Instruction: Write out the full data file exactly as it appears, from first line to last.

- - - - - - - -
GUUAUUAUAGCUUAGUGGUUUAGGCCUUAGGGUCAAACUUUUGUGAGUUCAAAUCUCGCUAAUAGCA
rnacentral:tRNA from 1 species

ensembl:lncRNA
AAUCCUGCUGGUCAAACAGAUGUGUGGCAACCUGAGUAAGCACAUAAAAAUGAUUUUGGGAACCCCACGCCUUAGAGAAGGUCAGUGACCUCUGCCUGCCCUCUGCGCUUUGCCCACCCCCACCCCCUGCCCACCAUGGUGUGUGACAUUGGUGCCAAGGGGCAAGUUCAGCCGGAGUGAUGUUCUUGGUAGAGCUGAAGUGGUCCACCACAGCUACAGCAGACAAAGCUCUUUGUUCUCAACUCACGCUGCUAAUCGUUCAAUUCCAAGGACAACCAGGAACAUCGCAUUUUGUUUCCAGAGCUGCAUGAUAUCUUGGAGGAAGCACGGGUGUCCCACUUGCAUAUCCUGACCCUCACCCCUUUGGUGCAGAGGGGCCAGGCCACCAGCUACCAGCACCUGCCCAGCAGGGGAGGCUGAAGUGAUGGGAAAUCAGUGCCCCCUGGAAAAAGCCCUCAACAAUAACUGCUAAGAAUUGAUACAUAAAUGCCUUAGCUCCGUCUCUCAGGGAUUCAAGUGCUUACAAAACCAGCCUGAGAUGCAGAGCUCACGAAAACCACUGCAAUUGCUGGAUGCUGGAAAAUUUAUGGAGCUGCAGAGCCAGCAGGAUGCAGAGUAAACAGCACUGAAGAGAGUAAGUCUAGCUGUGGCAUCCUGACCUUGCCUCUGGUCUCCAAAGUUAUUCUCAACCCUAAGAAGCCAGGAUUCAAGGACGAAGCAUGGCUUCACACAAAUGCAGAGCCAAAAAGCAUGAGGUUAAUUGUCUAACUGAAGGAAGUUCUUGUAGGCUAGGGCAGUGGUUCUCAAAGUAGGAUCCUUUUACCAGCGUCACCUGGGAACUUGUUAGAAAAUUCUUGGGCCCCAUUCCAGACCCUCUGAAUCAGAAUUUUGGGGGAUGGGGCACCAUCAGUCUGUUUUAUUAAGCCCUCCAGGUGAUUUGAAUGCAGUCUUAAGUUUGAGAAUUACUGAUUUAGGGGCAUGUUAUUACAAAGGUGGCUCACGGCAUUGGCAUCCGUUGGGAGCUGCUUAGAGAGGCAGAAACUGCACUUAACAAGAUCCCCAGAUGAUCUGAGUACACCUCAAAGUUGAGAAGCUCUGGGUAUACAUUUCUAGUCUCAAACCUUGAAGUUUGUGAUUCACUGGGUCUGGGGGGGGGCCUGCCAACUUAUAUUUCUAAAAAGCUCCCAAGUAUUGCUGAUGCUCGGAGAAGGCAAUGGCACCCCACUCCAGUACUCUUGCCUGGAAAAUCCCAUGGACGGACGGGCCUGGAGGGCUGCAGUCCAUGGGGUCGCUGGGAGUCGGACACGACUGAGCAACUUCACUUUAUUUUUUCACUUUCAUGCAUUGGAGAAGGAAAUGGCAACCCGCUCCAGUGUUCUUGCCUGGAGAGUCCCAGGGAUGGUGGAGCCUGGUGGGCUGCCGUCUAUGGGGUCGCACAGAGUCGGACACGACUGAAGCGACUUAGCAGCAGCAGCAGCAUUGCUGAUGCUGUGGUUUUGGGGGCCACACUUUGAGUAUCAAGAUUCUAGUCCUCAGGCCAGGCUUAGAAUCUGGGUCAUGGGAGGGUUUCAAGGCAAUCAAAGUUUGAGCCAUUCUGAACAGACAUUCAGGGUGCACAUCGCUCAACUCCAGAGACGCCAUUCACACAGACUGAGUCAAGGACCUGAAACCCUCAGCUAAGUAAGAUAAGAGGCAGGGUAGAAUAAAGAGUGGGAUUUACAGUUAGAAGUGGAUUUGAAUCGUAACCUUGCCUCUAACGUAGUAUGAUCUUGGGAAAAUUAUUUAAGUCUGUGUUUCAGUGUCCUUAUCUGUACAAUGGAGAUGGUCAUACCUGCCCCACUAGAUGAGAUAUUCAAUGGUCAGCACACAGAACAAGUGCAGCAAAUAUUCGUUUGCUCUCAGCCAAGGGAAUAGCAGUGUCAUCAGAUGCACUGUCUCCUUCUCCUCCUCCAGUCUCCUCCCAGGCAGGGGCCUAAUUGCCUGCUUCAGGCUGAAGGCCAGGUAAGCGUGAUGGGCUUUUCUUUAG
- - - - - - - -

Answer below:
GUUAUUAUAGCUUAGUGGUUUAGGCCUUAGGGUCAAACUUUUGUGAGUUCAAAUCUCGCUAAUAGCA
rnacentral:tRNA from 1 species

ensembl:lncRNA
AAUCCUGCUGGUCAAACAGAUGUGUGGCAACCUGAGUAAGCACAUAAAAAUGAUUUUGGGAACCCCACGCCUUAGAGAAGGUCAGUGACCUCUGCCUGCCCUCUGCGCUUUGCCCACCCCCACCCCCUGCCCACCAUGGUGUGUGACAUUGGUGCCAAGGGGCAAGUUCAGCCGGAGUGAUGUUCUUGGUAGAGCUGAAGUGGUCCACCACAGCUACAGCAGACAAAGCUCUUUGUUCUCAACUCACGCUGCUAAUCGUUCAAUUCCAAGGACAACCAGGAACAUCGCAUUUUGUUUCCAGAGCUGCAUGAUAUCUUGGAGGAAGCACGGGUGUCCCACUUGCAUAUCCUGACCCUCACCCCUUUGGUGCAGAGGGGCCAGGCCACCAGCUACCAGCACCUGCCCAGCAGGGGAGGCUGAAGUGAUGGGAAAUCAGUGCCCCCUGGAAAAAGCCCUCAACAAUAACUGCUAAGAAUUGAUACAUAAAUGCCUUAGCUCCGUCUCUCAGGGAUUCAAGUGCUUACAAAACCAGCCUGAGAUGCAGAGCUCACGAAAACCACUGCAAUUGCUGGAUGCUGGAAAAUUUAUGGAGCUGCAGAGCCAGCAGGAUGCAGAGUAAACAGCACUGAAGAGAGUAAGUCUAGCUGUGGCAUCCUGACCUUGCCUCUGGUCUCCAAAGUUAUUCUCAACCCUAAGAAGCCAGGAUUCAAGGACGAAGCAUGGCUUCACACAAAUGCAGAGCCAAAAAGCAUGAGGUUAAUUGUCUAACUGAAGGAAGUUCUUGUAGGCUAGGGCAGUGGUUCUCAAAGUAGGAUCCUUUUACCAGCGUCACCUGGGAACUUGUUAGAAAAUUCUUGGGCCCCAUUCCAGACCCUCUGAAUCAGAAUUUUGGGGGAUGGGGCACCAUCAGUCUGUUUUAUUAAGCCCUCCAGGUGAUUUGAAUGCAGUCUUAAGUUUGAGAAUUACUGAUUUAGGGGCAUGUUAUUACAAAGGUGGCUCACGGCAUUGGCAUCCGUUGGGAGCUGCUUAGAGAGGCAGAAACUGCACUUAACAAGAUCCCCAGAUGAUCUGAGUACACCUCAAAGUUGAGAAGCUCUGGGUAUACAUUUCUAGUCUCAAACCUUGAAGUUUGUGAUUCACUGGGUCUGGGGGGGGGCCUGCCAACUUAUAUUUCUAAAAAGCUCCCAAGUAUUGCUGAUGCUCGGAGAAGGCAAUGGCACCCCACUCCAGUACUCUUGCCUGGAAAAUCCCAUGGACGGACGGGCCUGGAGGGCUGCAGUCCAUGGGGUCGCUGGGAGUCGGACACGACUGAGCAACUUCACUUUAUUUUUUCACUUUCAUGCAUUGGAGAAGGAAAUGGCAACCCGCUCCAGUGUUCUUGCCUGGAGAGUCCCAGGGAUGGUGGAGCCUGGUGGGCUGCCGUCUAUGGGGUCGCACAGAGUCGGACACGACUGAAGCGACUUAGCAGCAGCAGCAGCAUUGCUGAUGCUGUGGUUUUGGGGGCCACACUUUGAGUAUCAAGAUUCUAGUCCUCAGGCCAGGCUUAGAAUCUGGGUCAUGGGAGGGUUUCAAGGCAAUCAAAGUUUGAGCCAUUCUGAACAGACAUUCAGGGUGCACAUCGCUCAACUCCAGAGACGCCAUUCACACAGACUGAGUCAAGGACCUGAAACCCUCAGCUAAGUAAGAUAAGAGGCAGGGUAGAAUAAAGAGUGGGAUUUACAGUUAGAAGUGGAUUUGAAUCGUAACCUUGCCUCUAACGUAGUAUGAUCUUGGGAAAAUUAUUUAAGUCUGUGUUUCAGUGUCCUUAUCUGUACAAUGGAGAUGGUCAUACCUGCCCCACUAGAUGAGAUAUUCAAUGGUCAGCACACAGAACAAGUGCAGCAAAUAUUCGUUUGCUCUCAGCCAAGGGAAUAGCAGUGUCAUCAGAUGCACUGUCUCCUUCUCCUCCUCCAGUCUCCUCCCAGGCAGGGGCCUAAUUGCCUGCUUCAGGCUGAAGGCCAGGUAAGCGUGAUGGGCUUUUCUUUAG